The module introduces students to the study of intercultural conflict and conflict resolution, through case studies of miscommunication at the levels of everyday language use, business communication, international political disputes and the public representation of cross-cultural conflicts. The module enables students to apply discourse- and face/politeness-analytical methods to conflicts in intercultural communication on the basis of applied linguistics (contrastive semantics, pragmatics and sociolinguistics) and cultural studies. By the end of the course students will have an understanding of the linguistic dimensions of conflicts (and their mediation) in intercultural communication. Formative work includes oral and written presentations.




Forensic linguistics comprises the study of language in legal contexts, and this module includes the study of how laws and legal texts are interpreted and translated, how language can be used to one's advantage in the court of law and what the role of language is in breaking the law, investigating and solving crime. Translation is relevant in this context because it plays an important part in how information is obtained and understood in challenging circumstances, such as police interviews with witnesses and suspects. All these aspects of the subject are taught using authentic examples and materials for practical activities.




This module explores the issues fundamental to intercultural communication (IC) in practical contexts. The theoretical component of the module examines the different ways of thinking about effective communication in a variety of work-based environments. We will also relate theory to the practice of intercultural communication in the LCS public lectures. During these lectures, invited practitioners will introduce students to how IC operates in specific organisations, e.g. in government agencies, in multilingual business management, education etc. The module is relevant to those wishing to pursue careers in international management and relations, multilingual business and international development; it is also of interest to those who wish to become more effective communicators in other professions such as translation, interpreting, education and cultural mediation.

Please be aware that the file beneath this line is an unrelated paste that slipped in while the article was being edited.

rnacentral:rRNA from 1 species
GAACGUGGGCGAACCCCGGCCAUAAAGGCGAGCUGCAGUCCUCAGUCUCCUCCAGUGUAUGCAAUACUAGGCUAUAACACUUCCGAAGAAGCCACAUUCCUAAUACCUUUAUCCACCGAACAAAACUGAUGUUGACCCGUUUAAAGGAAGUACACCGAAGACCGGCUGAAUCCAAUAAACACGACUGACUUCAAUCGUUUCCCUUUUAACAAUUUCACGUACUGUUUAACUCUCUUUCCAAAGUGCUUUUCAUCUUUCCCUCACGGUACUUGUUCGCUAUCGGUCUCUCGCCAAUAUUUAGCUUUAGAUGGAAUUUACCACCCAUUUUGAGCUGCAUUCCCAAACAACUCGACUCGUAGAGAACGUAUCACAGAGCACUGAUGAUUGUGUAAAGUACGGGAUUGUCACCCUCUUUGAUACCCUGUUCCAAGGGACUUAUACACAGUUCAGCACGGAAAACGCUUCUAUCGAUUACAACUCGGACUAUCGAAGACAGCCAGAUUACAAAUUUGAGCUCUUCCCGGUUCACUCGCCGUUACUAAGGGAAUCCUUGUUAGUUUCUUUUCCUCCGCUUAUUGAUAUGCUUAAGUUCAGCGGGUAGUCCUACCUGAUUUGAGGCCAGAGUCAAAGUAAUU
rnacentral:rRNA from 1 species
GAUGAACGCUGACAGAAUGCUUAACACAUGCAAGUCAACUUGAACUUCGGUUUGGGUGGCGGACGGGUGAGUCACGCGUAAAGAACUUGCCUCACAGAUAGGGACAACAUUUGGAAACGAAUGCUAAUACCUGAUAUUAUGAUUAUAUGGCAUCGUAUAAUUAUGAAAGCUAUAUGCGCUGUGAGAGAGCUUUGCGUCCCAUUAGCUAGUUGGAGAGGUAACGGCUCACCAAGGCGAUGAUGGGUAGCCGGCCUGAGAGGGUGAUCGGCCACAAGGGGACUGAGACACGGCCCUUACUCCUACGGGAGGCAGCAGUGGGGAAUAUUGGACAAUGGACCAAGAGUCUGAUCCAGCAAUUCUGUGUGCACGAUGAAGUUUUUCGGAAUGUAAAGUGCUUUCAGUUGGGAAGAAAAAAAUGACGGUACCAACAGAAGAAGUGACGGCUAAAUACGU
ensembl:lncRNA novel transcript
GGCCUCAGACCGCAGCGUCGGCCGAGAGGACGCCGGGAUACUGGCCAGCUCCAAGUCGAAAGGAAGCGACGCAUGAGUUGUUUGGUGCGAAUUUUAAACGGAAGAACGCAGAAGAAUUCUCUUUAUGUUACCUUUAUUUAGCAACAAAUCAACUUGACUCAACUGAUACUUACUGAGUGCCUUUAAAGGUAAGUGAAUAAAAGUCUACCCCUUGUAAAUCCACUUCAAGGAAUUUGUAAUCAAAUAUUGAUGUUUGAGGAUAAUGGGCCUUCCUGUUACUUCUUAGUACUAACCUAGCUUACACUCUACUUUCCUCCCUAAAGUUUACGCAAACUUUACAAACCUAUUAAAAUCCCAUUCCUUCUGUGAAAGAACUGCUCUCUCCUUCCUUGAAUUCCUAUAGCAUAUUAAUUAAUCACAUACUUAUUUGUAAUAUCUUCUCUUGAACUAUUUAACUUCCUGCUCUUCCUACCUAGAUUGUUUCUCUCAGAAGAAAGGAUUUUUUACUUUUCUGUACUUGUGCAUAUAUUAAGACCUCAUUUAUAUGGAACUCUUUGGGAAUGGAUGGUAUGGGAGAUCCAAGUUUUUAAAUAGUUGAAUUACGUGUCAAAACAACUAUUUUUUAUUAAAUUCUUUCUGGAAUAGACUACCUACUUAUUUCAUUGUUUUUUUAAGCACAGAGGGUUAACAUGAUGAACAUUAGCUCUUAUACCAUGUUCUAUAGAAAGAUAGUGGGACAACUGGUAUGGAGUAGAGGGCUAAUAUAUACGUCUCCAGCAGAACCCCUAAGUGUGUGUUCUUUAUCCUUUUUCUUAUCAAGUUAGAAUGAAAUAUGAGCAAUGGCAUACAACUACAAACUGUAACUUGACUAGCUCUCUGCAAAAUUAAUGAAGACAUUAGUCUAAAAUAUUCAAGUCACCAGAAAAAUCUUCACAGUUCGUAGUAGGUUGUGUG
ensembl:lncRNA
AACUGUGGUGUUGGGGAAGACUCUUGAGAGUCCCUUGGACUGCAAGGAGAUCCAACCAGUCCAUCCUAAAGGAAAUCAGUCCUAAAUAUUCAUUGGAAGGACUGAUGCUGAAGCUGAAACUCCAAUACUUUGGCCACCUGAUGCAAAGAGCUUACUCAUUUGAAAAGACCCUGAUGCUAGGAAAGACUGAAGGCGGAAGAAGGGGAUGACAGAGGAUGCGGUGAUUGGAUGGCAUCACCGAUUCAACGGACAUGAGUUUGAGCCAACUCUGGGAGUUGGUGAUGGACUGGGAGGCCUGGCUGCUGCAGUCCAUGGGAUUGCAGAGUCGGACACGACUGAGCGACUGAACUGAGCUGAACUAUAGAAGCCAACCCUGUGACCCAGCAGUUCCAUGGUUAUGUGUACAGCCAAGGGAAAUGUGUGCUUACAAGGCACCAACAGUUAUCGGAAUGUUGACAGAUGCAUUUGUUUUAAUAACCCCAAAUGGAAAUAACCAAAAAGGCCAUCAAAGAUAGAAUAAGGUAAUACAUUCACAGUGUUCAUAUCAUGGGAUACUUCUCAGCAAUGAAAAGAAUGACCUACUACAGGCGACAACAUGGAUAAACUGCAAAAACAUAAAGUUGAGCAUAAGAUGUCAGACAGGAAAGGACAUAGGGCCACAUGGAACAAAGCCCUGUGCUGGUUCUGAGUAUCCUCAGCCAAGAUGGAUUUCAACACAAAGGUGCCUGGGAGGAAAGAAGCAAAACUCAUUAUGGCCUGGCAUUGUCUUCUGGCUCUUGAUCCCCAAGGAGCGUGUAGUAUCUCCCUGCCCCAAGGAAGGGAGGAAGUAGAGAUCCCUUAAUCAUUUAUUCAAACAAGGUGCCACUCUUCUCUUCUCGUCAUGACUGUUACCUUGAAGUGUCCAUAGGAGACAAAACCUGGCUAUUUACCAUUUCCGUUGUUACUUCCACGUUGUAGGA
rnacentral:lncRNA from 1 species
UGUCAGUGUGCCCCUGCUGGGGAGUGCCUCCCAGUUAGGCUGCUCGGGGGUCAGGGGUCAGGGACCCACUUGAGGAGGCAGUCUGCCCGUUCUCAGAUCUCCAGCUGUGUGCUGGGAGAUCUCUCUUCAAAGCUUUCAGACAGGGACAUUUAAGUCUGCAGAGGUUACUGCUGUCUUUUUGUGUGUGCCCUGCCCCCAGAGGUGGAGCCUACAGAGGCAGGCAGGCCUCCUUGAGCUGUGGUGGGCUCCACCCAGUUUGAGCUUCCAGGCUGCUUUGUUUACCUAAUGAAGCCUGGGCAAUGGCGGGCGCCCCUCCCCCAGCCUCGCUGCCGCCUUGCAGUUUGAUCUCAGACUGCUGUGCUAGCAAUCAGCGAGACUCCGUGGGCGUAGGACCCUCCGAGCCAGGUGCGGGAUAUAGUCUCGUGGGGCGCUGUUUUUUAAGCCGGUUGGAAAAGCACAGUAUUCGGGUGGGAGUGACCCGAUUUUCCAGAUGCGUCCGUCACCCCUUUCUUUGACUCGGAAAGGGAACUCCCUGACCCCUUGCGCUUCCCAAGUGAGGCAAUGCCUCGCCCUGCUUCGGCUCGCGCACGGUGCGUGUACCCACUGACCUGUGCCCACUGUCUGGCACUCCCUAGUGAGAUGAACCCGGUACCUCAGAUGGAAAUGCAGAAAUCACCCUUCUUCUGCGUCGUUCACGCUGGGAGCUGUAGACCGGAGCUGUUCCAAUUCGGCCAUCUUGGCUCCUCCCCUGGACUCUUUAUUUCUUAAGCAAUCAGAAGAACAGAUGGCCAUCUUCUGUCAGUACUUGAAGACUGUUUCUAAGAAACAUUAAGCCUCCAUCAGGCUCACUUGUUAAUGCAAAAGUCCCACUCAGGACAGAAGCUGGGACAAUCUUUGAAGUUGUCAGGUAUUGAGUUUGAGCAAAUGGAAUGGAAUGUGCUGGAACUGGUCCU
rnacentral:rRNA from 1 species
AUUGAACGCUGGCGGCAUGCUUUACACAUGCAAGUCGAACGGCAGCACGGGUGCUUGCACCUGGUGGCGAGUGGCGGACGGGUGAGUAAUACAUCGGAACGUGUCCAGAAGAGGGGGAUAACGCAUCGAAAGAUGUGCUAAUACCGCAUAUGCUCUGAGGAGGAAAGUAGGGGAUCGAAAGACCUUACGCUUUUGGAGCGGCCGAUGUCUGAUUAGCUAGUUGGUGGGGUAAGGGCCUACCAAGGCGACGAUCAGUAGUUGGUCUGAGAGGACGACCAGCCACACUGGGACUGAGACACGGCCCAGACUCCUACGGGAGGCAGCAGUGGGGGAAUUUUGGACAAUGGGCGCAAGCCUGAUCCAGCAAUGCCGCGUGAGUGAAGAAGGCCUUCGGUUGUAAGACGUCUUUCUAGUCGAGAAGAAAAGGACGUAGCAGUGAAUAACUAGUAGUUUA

This module provides an introduction to fundamental concepts in the learning, teaching and assessment of intercultural communication from theoretical and empirical perspectives. The teaching is carefully structured around key themes, such as critical pedagogy, curriculum internationalisation, global citizenship and intercultural education, but flexible enough to suit individual interests, needs and career aspirations. The overarching aim is to explore the pedagogical tools of intercultural learning that can be applied by current or aspiring intercultural educators, trainers, mentors or coaches in their subject specialism. A distinctive feature of the module is the practical understanding and application of theories to specific teaching and training contexts and analysis of case studies in highly interactive and critically reflective teaching sessions. This module will enhance graduates' opportunities to gain employment where intercultural training and education is required, for example in multinational companies, non-governmental organisations, government departments, the education sector and health care industry. Open to both home and international students, and particularly suited to practising or future teachers, trainers, trainees, educators, coaches, consultants, mentors, curriculum developers and any other professionals in a broad range of fields (e.g. language teaching, content and language integrated learning, media, business, politics, international relations, translation and health care industry).




This module focuses on language-related issues associated with the globalisation of communication and the media. It considers a range of materials - texts and their translation(s), multilingual sources of information (e.g. global news, consumer information, websites), products of audiovisual translation (e.g. subtitling, dubbing, voice over), IT mediated or processed texts, etc - to explore issues involved in the transposition and dissemination of (spoken and written) text into other media and other languages across different spheres of activity (e.g. media, politics, culture). Receptive knowledge of at least one language other than the mother tongue required.